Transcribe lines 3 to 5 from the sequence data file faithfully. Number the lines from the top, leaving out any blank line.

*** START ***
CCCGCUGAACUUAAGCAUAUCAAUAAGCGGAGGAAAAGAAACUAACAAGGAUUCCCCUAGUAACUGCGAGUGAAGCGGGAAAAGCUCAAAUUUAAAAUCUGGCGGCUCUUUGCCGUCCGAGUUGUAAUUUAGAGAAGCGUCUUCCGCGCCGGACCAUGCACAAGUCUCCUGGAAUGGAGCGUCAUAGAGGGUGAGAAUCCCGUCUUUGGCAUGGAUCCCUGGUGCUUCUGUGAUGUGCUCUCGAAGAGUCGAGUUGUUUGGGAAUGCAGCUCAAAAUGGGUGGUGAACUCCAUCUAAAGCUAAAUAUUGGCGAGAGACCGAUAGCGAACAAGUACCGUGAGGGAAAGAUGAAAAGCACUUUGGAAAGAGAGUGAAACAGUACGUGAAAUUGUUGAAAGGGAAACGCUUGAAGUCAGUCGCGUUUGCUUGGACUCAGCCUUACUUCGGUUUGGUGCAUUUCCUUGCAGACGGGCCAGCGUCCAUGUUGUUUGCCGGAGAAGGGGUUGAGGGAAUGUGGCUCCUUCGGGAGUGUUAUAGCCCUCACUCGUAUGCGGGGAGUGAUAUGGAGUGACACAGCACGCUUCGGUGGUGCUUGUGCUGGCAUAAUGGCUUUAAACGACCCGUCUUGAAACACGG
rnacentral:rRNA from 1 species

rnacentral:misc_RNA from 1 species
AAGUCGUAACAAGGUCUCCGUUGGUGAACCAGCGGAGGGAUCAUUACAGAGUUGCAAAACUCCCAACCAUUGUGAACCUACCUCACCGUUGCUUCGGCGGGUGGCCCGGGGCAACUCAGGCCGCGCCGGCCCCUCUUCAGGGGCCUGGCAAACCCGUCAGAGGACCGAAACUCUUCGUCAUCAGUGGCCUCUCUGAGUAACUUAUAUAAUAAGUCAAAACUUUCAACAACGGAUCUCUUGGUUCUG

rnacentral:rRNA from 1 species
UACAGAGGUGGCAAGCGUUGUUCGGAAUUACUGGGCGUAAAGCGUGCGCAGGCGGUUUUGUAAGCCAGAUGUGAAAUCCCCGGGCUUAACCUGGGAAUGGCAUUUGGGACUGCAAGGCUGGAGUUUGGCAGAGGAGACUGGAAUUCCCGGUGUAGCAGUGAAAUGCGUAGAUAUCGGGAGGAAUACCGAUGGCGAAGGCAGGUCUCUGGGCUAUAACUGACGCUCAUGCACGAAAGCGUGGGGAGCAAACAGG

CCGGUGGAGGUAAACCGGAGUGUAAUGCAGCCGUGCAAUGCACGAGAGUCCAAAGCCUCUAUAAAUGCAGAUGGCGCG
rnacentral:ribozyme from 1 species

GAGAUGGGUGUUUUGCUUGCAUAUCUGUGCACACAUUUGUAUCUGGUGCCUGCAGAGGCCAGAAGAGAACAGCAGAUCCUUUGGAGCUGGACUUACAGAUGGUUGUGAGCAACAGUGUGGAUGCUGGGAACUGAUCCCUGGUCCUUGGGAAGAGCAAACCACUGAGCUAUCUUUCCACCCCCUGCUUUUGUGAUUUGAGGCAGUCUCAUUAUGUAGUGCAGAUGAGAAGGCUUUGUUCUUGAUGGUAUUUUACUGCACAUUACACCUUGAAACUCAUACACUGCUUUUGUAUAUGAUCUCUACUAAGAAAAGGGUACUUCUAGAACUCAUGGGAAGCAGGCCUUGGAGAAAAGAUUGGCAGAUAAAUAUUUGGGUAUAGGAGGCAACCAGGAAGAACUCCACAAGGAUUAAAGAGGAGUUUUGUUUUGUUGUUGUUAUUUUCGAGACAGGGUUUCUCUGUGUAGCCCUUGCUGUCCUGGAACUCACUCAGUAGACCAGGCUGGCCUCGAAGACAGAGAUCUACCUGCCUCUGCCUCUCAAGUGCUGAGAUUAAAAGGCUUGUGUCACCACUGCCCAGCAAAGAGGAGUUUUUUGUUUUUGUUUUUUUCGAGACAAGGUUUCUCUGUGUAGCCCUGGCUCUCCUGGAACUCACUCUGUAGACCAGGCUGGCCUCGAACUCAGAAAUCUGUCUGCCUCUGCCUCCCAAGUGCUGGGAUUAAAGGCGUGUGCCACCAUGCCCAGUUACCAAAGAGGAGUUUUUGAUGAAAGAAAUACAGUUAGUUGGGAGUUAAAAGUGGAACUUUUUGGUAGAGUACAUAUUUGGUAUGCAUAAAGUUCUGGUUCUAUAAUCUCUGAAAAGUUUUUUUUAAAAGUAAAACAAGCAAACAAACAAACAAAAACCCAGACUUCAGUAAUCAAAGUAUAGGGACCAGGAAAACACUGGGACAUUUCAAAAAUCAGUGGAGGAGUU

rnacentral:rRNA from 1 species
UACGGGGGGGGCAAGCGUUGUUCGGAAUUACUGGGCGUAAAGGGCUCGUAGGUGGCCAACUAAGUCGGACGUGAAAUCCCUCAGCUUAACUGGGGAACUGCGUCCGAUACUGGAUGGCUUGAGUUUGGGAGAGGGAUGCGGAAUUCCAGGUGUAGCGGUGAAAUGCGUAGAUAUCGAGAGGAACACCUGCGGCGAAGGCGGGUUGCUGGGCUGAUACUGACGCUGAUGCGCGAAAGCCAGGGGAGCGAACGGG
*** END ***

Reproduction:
rnacentral:misc_RNA from 1 species
AAGUCGUAACAAGGUCUCCGUUGGUGAACCAGCGGAGGGAUCAUUACAGAGUUGCAAAACUCCCAACCAUUGUGAACCUACCUCACCGUUGCUUCGGCGGGUGGCCCGGGGCAACUCAGGCCGCGCCGGCCCCUCUUCAGGGGCCUGGCAAACCCGUCAGAGGACCGAAACUCUUCGUCAUCAGUGGCCUCUCUGAGUAACUUAUAUAAUAAGUCAAAACUUUCAACAACGGAUCUCUUGGUUCUG

rnacentral:rRNA from 1 species